Published on January 24th, 2018 | by Sarah Phasey
My Sri Lankan adventure with Geckos
Read time: a bit over 3 minutes
It is not yet 7.30am here on a muggy Saturday morning in Yala National Park.
As I sit outside my tent on a canvas camp chair, I get lost in the patterns of the ants circling around my feet. My daze is broken by a group of monkeys grunting in the distance and it reminds me that I am in a world so far from my own. I pinch myself at this realisation and I can’t help but reflect on how perfect the first half of this trip has been and how much I have learnt.
It’s been a big week on the Geckos Sri Lankan Adventure tour, with a few more days to go until we are finished. We’ve already experienced so much of this wonderful country and I keep secretly hoping I can just hit pause for a little while.
We started in Negombo, where I discovered that fish curry is actually a good idea. In Kandy, we explored the royal town in a tropical rain shower, inhaled a heck of a lot of incense at the Temple of the Tooth and took a day trip to hike the magnificent Sigiriya. Then we jumped on the scenic train through the tea fields to Ella. The ride took seven hours but was so stunning we didn’t get bored.
In Ella, we tried Arrack (a local spirit made from the sap of coconut palms) and dragged ourselves to the top of Ella Rock the next day. While the climb wasn’t easy, the insane views and cup of tea at the top made it all worth it. We’ve eaten curry with our hands, learnt words in Sinhalese and Tamil, and seen some incredible natural and man-made sites.
From here we headed to Yala National Park where we jumped in safari jeeps and were lucky enough to glimpse of a leopard. It seems incredible we have done all of this in seven days and still have the beaches of Unawatuna and Mirissa to look forward to.
But, thinking about our time so far, I realise that it’s the memories of the Sri Lankan people and those I have shared this tour with that will stay close to my heart after I leave. Yep, I know, the cliche “it’s not the destination, but who you travel with that makes a trip” – but it’s true. From the women at the café on the side of the road who smile shyly at us from behind their pots of curry, to the men at the fish market who call out excitedly to show us their catch of the day – Sri Lankans have struck me as incredibly kind, relaxed, hospitable and curious people.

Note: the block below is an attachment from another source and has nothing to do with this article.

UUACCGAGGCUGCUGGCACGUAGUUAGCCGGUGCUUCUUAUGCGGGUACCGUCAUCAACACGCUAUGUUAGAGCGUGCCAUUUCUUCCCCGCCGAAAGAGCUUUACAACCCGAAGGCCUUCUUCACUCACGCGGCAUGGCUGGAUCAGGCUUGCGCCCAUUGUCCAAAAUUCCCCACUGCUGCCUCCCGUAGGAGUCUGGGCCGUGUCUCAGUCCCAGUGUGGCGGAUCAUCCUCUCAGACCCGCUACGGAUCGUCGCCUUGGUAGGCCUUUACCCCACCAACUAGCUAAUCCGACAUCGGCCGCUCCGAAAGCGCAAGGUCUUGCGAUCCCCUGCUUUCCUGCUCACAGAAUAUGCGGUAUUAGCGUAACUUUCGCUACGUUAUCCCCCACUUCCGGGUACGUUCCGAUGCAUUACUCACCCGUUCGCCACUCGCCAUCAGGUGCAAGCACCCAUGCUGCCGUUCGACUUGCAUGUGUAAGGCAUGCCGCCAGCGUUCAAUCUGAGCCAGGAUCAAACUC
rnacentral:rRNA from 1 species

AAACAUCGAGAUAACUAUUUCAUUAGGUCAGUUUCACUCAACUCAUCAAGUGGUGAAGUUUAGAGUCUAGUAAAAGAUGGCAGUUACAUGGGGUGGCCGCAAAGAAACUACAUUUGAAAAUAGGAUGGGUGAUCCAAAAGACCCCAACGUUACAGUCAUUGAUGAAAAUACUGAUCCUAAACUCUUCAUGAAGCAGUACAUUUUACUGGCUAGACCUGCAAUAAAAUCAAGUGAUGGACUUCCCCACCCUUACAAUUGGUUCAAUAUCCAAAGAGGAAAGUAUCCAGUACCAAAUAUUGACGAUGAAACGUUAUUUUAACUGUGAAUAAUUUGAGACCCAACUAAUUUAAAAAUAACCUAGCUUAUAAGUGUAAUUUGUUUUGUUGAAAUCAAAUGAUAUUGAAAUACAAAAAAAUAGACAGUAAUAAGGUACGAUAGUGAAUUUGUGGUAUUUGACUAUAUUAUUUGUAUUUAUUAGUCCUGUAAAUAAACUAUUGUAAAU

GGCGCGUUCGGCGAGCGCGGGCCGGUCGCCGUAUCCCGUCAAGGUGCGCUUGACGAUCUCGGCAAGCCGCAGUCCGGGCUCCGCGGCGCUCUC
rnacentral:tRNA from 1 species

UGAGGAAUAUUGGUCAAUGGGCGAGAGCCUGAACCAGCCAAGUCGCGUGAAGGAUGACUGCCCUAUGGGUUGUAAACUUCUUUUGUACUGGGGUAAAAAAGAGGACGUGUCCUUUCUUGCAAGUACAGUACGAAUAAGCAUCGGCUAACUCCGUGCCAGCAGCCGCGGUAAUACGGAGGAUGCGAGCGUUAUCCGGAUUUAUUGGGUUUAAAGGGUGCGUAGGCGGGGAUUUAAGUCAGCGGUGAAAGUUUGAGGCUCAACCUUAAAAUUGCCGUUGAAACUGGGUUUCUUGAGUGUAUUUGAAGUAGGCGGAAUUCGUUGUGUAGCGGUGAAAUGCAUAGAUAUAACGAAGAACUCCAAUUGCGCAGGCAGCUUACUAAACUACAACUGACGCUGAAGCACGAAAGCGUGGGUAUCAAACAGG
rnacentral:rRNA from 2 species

This is oh so true of our leader Indika. He prefers to be called Indi and he has the broadest smile and the most generous heart I have ever encountered. He is a Buddhist from Anuradhapura who owns 2000 books but also loves Lion Beer and listening to Eminem. He talks about history, politics, food, family and religion, and the group jokes every day that we are becoming more “enlightened” from his teachings and that we will surely “find ourselves” by the end of the tour. It’s true, the man certainly loves to talk! But, you can tell he is just so proud to share as much as he can about his life and the country he is from.
I know people that have travelled around Sri Lanka solo and loved it. I am sure I could have done that too. But, I also know that I would not have had the confidence to speak with locals or the chance to ask the questions I asked Indi if I were alone. Sure, I would have enjoyed the food and the sights, but I’d have missed out on a deeper understanding of the culture, as well as the friendships I have formed. I believe there is always a place for solo travel, but Indi has proven that travelling with a local leader is invaluable in so many ways. He is like a currency converter, translator and Trip Advisor app all rolled into one smiling Sri Lankan – who also manages to be a really great mate.
But anyway, that got deep. Time to go get me some coconut crepes!
Want to experience Sri Lanka on an epic small group tour? You should!
All images by Sara Melotti.